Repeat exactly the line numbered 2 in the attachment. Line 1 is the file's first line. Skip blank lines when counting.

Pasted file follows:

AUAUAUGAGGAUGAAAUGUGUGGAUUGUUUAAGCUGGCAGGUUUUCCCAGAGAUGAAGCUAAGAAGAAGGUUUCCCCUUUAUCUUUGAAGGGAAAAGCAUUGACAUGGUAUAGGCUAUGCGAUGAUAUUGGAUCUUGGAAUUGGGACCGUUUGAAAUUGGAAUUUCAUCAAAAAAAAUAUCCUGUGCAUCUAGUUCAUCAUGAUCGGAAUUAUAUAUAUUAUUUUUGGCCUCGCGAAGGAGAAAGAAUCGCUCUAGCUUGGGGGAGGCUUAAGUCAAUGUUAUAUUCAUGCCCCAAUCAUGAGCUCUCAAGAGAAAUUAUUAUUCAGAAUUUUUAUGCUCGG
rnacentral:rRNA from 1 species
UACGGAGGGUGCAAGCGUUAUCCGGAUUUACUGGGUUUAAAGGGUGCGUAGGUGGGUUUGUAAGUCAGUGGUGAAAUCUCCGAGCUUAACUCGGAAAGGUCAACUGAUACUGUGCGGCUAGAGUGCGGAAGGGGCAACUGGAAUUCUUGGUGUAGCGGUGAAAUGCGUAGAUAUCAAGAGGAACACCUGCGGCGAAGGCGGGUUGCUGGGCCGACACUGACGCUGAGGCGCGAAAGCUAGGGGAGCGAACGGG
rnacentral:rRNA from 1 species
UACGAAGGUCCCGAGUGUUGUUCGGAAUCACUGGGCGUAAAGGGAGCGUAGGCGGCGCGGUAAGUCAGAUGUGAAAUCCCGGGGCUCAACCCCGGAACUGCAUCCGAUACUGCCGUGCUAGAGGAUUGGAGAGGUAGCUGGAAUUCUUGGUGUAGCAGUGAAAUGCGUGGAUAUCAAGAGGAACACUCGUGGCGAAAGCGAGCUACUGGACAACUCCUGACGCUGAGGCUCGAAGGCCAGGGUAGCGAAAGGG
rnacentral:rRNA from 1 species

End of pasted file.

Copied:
rnacentral:rRNA from 1 species